No promises as BP tests new cap

 


After securing a new, tight-fitting cap on top of the leaking well in the Gulf of Mexico, BP prepared to begin tests today to see if it will hold and stop fresh oil from polluting the waters for the first time in nearly three months.

The oil giant expects to know within 48 hours if the new cap, which was affixed Monday after almost three days of painstaking, around-the-clock work a mile below the Gulf's surface, can stanch the flow. The solution is only temporary, but it offers the best hope yet for cutting off the gush of billowing brown oil.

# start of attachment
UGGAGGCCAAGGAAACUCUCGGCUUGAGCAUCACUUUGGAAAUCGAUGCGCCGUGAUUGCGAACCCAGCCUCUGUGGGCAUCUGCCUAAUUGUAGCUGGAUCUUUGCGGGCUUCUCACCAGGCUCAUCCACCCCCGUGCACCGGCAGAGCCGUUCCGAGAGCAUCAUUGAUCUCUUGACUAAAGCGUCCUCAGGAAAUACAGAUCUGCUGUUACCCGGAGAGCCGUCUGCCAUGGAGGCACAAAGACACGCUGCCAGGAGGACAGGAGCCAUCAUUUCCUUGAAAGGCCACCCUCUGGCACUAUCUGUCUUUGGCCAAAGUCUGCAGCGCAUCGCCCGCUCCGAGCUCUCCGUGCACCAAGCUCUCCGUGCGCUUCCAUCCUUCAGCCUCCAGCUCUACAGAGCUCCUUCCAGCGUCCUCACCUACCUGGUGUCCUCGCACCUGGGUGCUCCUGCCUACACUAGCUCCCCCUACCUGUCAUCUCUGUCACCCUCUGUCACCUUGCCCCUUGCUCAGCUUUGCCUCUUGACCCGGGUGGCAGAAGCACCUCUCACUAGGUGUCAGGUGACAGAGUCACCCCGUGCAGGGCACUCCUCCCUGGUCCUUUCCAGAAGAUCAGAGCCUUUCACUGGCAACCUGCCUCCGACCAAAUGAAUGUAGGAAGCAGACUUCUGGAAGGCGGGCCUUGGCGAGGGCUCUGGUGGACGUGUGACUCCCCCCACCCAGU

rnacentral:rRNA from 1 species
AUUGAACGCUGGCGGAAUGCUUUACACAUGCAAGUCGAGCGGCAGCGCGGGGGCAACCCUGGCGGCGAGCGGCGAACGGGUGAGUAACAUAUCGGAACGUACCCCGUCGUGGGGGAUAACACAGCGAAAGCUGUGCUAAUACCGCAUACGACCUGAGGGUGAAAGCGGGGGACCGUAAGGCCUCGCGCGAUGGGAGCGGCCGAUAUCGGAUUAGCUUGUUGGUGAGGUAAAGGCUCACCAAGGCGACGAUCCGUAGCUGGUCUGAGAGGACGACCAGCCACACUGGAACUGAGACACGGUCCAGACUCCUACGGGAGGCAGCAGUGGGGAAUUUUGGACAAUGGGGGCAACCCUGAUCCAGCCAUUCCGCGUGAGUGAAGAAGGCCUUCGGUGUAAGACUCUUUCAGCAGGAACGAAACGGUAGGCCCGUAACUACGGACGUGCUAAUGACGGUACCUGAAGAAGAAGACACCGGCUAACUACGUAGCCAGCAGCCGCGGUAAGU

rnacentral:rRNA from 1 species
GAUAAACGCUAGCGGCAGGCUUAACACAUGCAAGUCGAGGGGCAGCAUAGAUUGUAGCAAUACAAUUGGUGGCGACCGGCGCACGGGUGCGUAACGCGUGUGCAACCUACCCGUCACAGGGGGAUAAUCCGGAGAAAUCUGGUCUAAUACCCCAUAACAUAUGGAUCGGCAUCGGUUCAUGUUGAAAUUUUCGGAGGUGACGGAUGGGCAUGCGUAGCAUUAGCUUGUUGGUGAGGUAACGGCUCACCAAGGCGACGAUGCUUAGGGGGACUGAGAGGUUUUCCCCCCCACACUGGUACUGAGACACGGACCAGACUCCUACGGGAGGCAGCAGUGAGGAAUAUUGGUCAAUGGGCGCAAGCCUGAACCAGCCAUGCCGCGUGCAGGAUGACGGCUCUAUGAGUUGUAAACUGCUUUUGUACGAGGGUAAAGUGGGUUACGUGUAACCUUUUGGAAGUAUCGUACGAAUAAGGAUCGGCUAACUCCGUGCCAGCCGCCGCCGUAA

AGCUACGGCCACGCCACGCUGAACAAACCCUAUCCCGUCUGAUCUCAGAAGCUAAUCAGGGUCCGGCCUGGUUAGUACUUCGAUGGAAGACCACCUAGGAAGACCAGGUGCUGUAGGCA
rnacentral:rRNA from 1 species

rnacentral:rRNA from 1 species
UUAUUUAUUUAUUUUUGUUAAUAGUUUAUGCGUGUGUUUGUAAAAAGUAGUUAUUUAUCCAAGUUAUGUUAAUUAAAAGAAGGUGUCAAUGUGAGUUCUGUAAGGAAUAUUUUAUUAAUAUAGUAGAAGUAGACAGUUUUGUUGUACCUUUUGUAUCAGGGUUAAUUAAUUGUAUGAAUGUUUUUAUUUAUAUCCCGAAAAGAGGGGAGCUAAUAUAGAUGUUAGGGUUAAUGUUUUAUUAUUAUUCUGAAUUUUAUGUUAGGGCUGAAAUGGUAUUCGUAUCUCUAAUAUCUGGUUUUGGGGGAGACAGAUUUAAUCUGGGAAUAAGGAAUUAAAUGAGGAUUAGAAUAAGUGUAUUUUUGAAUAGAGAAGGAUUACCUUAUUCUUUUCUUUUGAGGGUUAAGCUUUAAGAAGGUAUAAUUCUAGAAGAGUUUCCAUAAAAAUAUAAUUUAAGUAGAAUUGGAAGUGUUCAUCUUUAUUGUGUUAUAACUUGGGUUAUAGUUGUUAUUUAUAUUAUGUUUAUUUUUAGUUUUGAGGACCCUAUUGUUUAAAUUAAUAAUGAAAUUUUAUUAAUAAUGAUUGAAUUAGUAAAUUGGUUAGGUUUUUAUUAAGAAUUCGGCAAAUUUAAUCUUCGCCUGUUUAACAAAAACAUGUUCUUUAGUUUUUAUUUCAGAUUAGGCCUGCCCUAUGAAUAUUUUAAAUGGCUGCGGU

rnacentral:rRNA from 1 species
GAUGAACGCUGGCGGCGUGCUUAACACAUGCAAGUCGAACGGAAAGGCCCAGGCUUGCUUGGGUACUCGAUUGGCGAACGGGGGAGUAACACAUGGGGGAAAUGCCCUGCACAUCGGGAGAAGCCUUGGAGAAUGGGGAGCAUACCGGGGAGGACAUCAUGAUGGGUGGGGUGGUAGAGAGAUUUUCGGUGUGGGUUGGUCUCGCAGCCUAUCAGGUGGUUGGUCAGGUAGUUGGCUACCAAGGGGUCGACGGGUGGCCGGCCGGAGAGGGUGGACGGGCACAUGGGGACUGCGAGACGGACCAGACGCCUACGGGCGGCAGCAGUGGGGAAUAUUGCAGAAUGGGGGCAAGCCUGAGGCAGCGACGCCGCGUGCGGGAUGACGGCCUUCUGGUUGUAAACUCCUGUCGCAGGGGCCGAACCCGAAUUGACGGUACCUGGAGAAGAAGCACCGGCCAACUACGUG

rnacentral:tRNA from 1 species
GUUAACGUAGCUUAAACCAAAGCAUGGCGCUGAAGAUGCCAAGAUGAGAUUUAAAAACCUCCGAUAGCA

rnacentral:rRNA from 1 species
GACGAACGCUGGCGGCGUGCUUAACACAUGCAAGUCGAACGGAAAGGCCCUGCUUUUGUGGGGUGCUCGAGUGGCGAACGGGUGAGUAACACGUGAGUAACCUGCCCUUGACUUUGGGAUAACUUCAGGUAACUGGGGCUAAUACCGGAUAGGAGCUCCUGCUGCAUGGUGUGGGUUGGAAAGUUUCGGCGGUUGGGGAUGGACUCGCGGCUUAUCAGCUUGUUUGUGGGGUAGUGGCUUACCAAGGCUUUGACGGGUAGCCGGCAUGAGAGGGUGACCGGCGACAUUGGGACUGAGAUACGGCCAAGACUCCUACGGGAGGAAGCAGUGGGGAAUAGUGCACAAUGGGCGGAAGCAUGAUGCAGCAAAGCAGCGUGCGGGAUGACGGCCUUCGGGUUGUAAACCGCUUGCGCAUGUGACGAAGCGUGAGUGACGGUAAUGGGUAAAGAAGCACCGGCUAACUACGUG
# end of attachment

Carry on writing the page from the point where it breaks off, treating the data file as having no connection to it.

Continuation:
The cap's installation was good news to weary Gulf Coast residents who have warily waited for BP to make good on its promise to clean up the mess.

Still, they warned that even if the oil is stopped, the consequences are far from over.

"I think we're going to see oil out in the Gulf of Mexico, roaming around, taking shots at us, for the next year, maybe two," Billy Nungesser, president of Louisiana's oi l -stained Plaquemines Parish, said Monday. "If you told me today no more oil was coming ashore, we've still got a massive cleanup ahead."


Starting today, the cap will be tested and monitored to see if it can withstand pressure from the gushing oil and gas.

The tests could last anywhere between six to 48 hours, according to Nat ional Incident Commander Thad Allen.

 

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